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Cannabis legalization has already swept through much of the United States, but even in some of the most liberal legal weed states, it is still nearly impossible to find a place to actually consume the fully legal marijuana.

In Illinois, the second year of full-scale recreational legalization has tried to counteract that problem, licensing a handful of social, open-to-the-public cannabis consumption lounges across the state.

“It’s so new that people don’t think it’s real,” Cameron Dyehe, co-owner of Aroma’s Hookah Bar in the college town of DeKalb, Illinois told the Chicago Tribune. “They didn’t think anything like this could be possible, especially right across the street from the police station. When we tell them it’s OK, they’re blown away.”

Aroma’s is one of two cannabis consumption lounges currently operating in the Prairie State. The second, Luna Lounge in Sesser, Illinois, has already seen the kind of crowds cannabis can attract, reaching full capacity of 70 patrons during weekend events like concerts and comedy nights. On days without events, guests can rent bongs and pipes and consume cannabis freely with their friends – new and old.

“People are surprised it’s such a chill environment,” Chris Duke, a professional licensed cannabis cultivator for IESO, who works part time at the Luna Lounge, said. “Everybody’s having a good time laughing, having conversation. … People say, ‘Hey, what are you smoking?’ Everybody shares. People actually mingle and talk to other people.”

And while Luna Lounge owner Holly Roeder had expected that the lounge would attract a younger, stereotypical stoner crowd, her assessment was a few decades off. More than a month after opening, Roeder said that the typical lounge visitor is older than 40.

“We get 60- and 70-year-old dudes walking in with their tie-dye,” Roeder said. “I love that.”

So far, both of Illinois’ consumption lounges are bring your own bud only, with no cannabis or alcohol sales allowed at Luna Lounge or Aroma’s Hookah Bar. Just because it doesn’t exist though, doesn’t mean it is the law of the land, with Consume dispensary in Carbondale seeking City Council approval to become the state’s first in-dispensary consumption lounge. Unlike the state’s two existing lounges, Consume would require visitors to buy their weed on-site.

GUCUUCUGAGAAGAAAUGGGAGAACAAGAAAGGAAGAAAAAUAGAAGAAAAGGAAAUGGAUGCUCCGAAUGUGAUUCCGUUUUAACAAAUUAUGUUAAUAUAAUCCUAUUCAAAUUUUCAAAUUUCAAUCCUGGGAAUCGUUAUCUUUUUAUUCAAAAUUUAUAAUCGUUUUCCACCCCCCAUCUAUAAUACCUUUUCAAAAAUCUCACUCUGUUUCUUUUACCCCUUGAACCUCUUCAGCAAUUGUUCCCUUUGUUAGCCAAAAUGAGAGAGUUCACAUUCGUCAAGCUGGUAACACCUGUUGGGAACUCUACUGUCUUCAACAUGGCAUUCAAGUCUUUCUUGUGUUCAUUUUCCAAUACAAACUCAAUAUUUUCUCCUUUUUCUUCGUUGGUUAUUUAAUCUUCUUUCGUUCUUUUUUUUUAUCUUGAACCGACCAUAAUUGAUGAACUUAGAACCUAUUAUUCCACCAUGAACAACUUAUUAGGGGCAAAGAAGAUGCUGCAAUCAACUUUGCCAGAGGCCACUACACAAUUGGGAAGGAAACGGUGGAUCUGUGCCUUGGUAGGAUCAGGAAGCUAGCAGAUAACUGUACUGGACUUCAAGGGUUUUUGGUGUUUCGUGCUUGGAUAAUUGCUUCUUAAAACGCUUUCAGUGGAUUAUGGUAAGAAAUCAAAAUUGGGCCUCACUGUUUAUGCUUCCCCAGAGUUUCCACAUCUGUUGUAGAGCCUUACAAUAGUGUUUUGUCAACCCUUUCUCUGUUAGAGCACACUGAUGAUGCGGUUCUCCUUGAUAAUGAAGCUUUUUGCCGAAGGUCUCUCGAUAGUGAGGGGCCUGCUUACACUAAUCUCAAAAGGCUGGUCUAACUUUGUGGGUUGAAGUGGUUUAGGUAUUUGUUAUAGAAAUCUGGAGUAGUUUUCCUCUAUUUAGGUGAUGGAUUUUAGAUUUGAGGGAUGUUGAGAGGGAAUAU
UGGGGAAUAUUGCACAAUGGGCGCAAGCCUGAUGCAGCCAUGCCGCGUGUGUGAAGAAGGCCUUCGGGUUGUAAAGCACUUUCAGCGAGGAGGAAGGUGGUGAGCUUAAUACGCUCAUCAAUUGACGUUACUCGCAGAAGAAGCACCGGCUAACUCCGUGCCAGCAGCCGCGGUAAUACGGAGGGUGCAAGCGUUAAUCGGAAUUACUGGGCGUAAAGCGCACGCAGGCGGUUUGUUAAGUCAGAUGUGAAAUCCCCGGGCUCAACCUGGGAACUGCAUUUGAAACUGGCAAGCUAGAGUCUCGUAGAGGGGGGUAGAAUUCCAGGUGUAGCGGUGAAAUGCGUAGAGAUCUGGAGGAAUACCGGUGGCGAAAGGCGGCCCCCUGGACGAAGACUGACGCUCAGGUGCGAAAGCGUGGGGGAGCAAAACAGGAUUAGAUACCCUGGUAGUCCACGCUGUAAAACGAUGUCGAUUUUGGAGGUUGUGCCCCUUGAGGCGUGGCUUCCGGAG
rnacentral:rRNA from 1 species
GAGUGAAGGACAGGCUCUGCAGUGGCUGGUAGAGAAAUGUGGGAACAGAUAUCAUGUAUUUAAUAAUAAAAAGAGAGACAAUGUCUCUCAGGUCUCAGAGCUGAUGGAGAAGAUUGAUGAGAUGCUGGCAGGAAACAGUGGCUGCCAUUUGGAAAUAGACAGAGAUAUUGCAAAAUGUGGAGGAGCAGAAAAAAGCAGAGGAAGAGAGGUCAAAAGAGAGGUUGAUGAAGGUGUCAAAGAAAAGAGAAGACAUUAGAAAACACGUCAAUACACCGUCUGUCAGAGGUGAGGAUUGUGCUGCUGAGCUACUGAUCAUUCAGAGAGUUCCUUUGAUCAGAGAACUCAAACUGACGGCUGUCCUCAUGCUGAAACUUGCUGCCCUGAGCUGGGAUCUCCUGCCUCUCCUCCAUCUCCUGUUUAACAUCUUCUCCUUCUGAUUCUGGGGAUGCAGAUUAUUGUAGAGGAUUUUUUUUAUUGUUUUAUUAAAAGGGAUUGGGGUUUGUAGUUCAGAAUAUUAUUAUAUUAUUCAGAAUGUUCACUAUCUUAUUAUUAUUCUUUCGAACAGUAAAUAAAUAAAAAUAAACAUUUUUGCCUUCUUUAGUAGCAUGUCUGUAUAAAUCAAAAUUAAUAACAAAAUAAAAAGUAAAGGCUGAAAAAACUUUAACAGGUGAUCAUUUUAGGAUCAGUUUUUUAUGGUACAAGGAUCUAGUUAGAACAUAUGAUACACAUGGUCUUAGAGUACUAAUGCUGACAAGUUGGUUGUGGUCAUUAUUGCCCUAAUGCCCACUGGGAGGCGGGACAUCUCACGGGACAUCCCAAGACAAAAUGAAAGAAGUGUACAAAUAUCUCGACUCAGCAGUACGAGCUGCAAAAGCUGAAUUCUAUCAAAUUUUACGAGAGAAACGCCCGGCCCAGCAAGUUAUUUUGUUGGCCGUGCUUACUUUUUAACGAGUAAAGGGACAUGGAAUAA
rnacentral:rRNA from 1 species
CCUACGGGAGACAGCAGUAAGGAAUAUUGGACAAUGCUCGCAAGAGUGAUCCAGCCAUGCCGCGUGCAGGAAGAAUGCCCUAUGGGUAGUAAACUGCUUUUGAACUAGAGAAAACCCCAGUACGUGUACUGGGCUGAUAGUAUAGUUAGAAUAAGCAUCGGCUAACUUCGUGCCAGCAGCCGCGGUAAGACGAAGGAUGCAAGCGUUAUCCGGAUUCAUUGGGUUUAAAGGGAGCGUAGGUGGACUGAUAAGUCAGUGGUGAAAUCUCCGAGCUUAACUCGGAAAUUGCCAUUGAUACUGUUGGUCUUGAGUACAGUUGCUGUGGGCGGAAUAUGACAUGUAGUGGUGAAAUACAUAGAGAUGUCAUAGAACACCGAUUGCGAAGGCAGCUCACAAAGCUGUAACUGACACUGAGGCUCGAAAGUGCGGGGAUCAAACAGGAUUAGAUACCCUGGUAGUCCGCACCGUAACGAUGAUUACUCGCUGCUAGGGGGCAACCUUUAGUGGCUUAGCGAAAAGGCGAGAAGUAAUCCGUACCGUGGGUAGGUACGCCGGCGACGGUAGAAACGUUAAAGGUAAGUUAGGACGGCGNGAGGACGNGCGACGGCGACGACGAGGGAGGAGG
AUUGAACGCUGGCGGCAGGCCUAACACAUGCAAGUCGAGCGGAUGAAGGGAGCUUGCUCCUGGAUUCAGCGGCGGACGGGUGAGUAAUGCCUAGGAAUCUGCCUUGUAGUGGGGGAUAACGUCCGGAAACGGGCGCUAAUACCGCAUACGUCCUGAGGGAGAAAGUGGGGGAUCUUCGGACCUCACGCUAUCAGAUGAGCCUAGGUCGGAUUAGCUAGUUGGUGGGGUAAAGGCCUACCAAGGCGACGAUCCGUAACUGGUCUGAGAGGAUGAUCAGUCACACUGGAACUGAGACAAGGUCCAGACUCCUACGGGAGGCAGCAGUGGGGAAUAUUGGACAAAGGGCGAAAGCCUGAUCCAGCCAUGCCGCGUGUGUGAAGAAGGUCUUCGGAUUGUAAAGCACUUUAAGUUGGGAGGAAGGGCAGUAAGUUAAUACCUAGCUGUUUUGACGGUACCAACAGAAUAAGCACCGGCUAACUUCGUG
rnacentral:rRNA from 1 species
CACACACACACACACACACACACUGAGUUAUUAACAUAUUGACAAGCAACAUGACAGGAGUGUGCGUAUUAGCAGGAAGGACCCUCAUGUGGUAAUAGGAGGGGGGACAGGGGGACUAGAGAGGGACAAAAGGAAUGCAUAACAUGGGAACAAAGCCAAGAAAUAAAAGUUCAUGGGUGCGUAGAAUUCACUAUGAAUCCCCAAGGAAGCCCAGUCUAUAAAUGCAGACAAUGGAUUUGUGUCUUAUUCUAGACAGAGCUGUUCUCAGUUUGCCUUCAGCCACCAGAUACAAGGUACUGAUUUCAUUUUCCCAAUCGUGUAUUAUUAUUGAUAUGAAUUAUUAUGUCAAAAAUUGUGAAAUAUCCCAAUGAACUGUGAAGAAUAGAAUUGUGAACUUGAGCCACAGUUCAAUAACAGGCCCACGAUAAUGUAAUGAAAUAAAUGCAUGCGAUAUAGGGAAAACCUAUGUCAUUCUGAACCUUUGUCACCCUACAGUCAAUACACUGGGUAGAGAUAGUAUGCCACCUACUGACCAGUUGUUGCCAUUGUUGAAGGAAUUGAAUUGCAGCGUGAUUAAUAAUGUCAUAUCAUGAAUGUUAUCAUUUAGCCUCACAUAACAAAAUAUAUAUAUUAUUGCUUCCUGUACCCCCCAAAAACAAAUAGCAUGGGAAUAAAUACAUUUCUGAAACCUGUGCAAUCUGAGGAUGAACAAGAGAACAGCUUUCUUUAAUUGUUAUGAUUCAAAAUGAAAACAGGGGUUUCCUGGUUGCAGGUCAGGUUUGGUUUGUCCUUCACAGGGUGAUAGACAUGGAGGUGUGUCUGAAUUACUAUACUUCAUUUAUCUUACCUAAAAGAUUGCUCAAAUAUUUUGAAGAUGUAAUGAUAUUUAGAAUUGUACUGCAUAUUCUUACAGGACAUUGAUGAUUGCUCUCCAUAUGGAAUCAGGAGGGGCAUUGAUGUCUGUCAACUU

“The City Council is in full support of cannabis business,” Economic Development Director Steven Mitchell said. “Cannabis has been here since cannabis has been around. Southern Illinois University got a reputation in the 1960s and ‘70s as sort of a hippie town. Lots of folks came from the Chicago area and introduced a new culture to the region, and it has remained.”

Chicago itself, on the other hand, is still waiting for its first welcoming space for cannabis users. Mayor Lori Lightfoot has proposed a measure to allow consumption sites in the Second City, but that recommendation has been stalled in the city council with no sign of budging. So while you can now spark up with your friends at a weed bar in rural Illinois, city residents will still have to find a safe space in a building owned by a cannabis-friendly landlord.

Thanks to state-specific legalization laws that ban public consumption of cannabis and allow property owners to prohibit their tenants from consuming cannabis inside, most states do not have anywhere outside of owner-occupied housing where it is technically legal to smoke your legal bud. For marijuana users who live in publicly subsidized housing, those rules can turn something as benign as lighting up a joint in your living room into an immediate eviction notice.

But while that may seem like an obvious problem in the more than dozen states that have legalized weed for recreational use, few states are rushing to correct the issue on a wide scale. Most states have turned over decision-making on consumption lounges to individual municipalities, and much like those same on dispensaries, local city councils are often reluctant to invite cannabis businesses into their cities and towns, despite legalization.

In addition to the localization of consumption lounge licensing, bans on indoor smoking in general stemming from the tobacco backlash of the late 20th century have made it difficult for many states to implement smoking lounges at all.

As of now, New York is the only state in the country that allows adults to consume cannabis in public wherever they are allowed to smoke tobacco. But as Illinois, Nevada, California and more states move to allow consumption lounges in their cities, we are no doubt moving closer to a world with chains cannabis bars and mom and pop lounges opening across the US.